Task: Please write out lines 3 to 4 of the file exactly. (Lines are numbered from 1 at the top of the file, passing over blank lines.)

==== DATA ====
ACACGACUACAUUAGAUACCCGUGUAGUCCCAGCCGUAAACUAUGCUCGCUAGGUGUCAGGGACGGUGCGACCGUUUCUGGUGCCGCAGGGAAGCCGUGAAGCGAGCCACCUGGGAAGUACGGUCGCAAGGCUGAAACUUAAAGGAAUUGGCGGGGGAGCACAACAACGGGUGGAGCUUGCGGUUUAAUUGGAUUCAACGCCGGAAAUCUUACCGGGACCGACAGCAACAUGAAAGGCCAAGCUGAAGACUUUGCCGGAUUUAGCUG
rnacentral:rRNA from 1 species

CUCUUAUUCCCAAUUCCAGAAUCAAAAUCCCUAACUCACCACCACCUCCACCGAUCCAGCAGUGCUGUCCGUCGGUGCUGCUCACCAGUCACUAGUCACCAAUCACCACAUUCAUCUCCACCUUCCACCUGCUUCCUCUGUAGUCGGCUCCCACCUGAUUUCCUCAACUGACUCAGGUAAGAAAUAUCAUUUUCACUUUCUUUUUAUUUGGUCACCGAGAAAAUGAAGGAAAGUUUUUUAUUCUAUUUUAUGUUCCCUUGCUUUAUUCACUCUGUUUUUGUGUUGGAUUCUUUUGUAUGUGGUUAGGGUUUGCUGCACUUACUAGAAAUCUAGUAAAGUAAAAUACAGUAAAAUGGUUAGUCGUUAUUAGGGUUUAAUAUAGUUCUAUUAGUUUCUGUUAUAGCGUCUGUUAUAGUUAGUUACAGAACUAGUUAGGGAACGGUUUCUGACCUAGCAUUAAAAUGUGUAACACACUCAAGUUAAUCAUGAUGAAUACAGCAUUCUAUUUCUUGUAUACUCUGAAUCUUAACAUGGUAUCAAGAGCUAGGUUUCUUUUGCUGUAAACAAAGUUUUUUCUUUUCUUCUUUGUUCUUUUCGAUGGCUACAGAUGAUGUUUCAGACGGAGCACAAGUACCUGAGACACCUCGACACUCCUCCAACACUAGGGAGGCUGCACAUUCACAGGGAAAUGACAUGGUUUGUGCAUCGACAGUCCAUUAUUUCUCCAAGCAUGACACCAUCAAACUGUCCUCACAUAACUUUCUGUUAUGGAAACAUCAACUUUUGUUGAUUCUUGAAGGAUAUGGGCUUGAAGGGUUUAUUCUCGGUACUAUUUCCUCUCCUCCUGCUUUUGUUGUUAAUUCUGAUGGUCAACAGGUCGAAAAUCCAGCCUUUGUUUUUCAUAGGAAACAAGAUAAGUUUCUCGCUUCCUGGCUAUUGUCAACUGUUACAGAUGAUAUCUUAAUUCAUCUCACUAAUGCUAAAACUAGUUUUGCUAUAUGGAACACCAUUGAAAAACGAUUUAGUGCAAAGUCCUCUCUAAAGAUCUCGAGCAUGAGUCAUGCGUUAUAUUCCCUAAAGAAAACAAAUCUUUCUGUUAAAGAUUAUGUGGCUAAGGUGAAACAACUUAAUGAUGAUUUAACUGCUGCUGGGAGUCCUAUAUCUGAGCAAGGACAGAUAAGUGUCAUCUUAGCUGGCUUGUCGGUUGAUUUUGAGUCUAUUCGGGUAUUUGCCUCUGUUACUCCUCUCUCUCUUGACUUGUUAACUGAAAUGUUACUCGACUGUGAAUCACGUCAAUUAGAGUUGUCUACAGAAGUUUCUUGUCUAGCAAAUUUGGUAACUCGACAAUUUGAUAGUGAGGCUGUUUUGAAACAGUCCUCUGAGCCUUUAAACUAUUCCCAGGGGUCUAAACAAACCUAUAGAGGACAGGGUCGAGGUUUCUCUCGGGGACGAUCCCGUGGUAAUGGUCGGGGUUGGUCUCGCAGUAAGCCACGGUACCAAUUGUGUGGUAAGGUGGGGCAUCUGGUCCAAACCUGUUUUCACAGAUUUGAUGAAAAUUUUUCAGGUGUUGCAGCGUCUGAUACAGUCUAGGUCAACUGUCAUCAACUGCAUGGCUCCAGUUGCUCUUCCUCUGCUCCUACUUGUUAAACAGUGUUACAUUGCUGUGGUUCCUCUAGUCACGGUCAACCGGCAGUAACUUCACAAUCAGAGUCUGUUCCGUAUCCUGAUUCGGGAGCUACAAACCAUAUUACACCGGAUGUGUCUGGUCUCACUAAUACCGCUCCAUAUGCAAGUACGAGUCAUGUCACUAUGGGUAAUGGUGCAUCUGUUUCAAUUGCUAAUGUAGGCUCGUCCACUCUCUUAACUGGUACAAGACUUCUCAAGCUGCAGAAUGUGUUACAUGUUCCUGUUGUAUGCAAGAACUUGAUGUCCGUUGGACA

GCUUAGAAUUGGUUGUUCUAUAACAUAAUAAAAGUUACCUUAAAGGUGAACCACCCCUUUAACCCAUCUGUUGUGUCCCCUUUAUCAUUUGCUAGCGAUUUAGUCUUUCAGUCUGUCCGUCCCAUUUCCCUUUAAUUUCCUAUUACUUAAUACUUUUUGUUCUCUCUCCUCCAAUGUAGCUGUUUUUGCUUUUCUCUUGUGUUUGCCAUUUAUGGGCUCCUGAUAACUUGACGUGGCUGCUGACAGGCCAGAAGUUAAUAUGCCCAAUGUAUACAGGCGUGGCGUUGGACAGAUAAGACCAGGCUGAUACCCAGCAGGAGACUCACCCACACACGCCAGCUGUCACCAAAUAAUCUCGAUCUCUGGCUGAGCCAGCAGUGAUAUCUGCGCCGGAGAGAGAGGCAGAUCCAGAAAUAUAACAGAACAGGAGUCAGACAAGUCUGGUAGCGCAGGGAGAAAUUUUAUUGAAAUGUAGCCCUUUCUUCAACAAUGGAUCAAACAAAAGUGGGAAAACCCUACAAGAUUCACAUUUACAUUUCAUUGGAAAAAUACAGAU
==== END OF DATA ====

CUCUUAUUCCCAAUUCCAGAAUCAAAAUCCCUAACUCACCACCACCUCCACCGAUCCAGCAGUGCUGUCCGUCGGUGCUGCUCACCAGUCACUAGUCACCAAUCACCACAUUCAUCUCCACCUUCCACCUGCUUCCUCUGUAGUCGGCUCCCACCUGAUUUCCUCAACUGACUCAGGUAAGAAAUAUCAUUUUCACUUUCUUUUUAUUUGGUCACCGAGAAAAUGAAGGAAAGUUUUUUAUUCUAUUUUAUGUUCCCUUGCUUUAUUCACUCUGUUUUUGUGUUGGAUUCUUUUGUAUGUGGUUAGGGUUUGCUGCACUUACUAGAAAUCUAGUAAAGUAAAAUACAGUAAAAUGGUUAGUCGUUAUUAGGGUUUAAUAUAGUUCUAUUAGUUUCUGUUAUAGCGUCUGUUAUAGUUAGUUACAGAACUAGUUAGGGAACGGUUUCUGACCUAGCAUUAAAAUGUGUAACACACUCAAGUUAAUCAUGAUGAAUACAGCAUUCUAUUUCUUGUAUACUCUGAAUCUUAACAUGGUAUCAAGAGCUAGGUUUCUUUUGCUGUAAACAAAGUUUUUUCUUUUCUUCUUUGUUCUUUUCGAUGGCUACAGAUGAUGUUUCAGACGGAGCACAAGUACCUGAGACACCUCGACACUCCUCCAACACUAGGGAGGCUGCACAUUCACAGGGAAAUGACAUGGUUUGUGCAUCGACAGUCCAUUAUUUCUCCAAGCAUGACACCAUCAAACUGUCCUCACAUAACUUUCUGUUAUGGAAACAUCAACUUUUGUUGAUUCUUGAAGGAUAUGGGCUUGAAGGGUUUAUUCUCGGUACUAUUUCCUCUCCUCCUGCUUUUGUUGUUAAUUCUGAUGGUCAACAGGUCGAAAAUCCAGCCUUUGUUUUUCAUAGGAAACAAGAUAAGUUUCUCGCUUCCUGGCUAUUGUCAACUGUUACAGAUGAUAUCUUAAUUCAUCUCACUAAUGCUAAAACUAGUUUUGCUAUAUGGAACACCAUUGAAAAACGAUUUAGUGCAAAGUCCUCUCUAAAGAUCUCGAGCAUGAGUCAUGCGUUAUAUUCCCUAAAGAAAACAAAUCUUUCUGUUAAAGAUUAUGUGGCUAAGGUGAAACAACUUAAUGAUGAUUUAACUGCUGCUGGGAGUCCUAUAUCUGAGCAAGGACAGAUAAGUGUCAUCUUAGCUGGCUUGUCGGUUGAUUUUGAGUCUAUUCGGGUAUUUGCCUCUGUUACUCCUCUCUCUCUUGACUUGUUAACUGAAAUGUUACUCGACUGUGAAUCACGUCAAUUAGAGUUGUCUACAGAAGUUUCUUGUCUAGCAAAUUUGGUAACUCGACAAUUUGAUAGUGAGGCUGUUUUGAAACAGUCCUCUGAGCCUUUAAACUAUUCCCAGGGGUCUAAACAAACCUAUAGAGGACAGGGUCGAGGUUUCUCUCGGGGACGAUCCCGUGGUAAUGGUCGGGGUUGGUCUCGCAGUAAGCCACGGUACCAAUUGUGUGGUAAGGUGGGGCAUCUGGUCCAAACCUGUUUUCACAGAUUUGAUGAAAAUUUUUCAGGUGUUGCAGCGUCUGAUACAGUCUAGGUCAACUGUCAUCAACUGCAUGGCUCCAGUUGCUCUUCCUCUGCUCCUACUUGUUAAACAGUGUUACAUUGCUGUGGUUCCUCUAGUCACGGUCAACCGGCAGUAACUUCACAAUCAGAGUCUGUUCCGUAUCCUGAUUCGGGAGCUACAAACCAUAUUACACCGGAUGUGUCUGGUCUCACUAAUACCGCUCCAUAUGCAAGUACGAGUCAUGUCACUAUGGGUAAUGGUGCAUCUGUUUCAAUUGCUAAUGUAGGCUCGUCCACUCUCUUAACUGGUACAAGACUUCUCAAGCUGCAGAAUGUGUUACAUGUUCCUGUUGUAUGCAAGAACUUGAUGUCCGUUGGACA

GCUUAGAAUUGGUUGUUCUAUAACAUAAUAAAAGUUACCUUAAAGGUGAACCACCCCUUUAACCCAUCUGUUGUGUCCCCUUUAUCAUUUGCUAGCGAUUUAGUCUUUCAGUCUGUCCGUCCCAUUUCCCUUUAAUUUCCUAUUACUUAAUACUUUUUGUUCUCUCUCCUCCAAUGUAGCUGUUUUUGCUUUUCUCUUGUGUUUGCCAUUUAUGGGCUCCUGAUAACUUGACGUGGCUGCUGACAGGCCAGAAGUUAAUAUGCCCAAUGUAUACAGGCGUGGCGUUGGACAGAUAAGACCAGGCUGAUACCCAGCAGGAGACUCACCCACACACGCCAGCUGUCACCAAAUAAUCUCGAUCUCUGGCUGAGCCAGCAGUGAUAUCUGCGCCGGAGAGAGAGGCAGAUCCAGAAAUAUAACAGAACAGGAGUCAGACAAGUCUGGUAGCGCAGGGAGAAAUUUUAUUGAAAUGUAGCCCUUUCUUCAACAAUGGAUCAAACAAAAGUGGGAAAACCCUACAAGAUUCACAUUUACAUUUCAUUGGAAAAAUACAGAU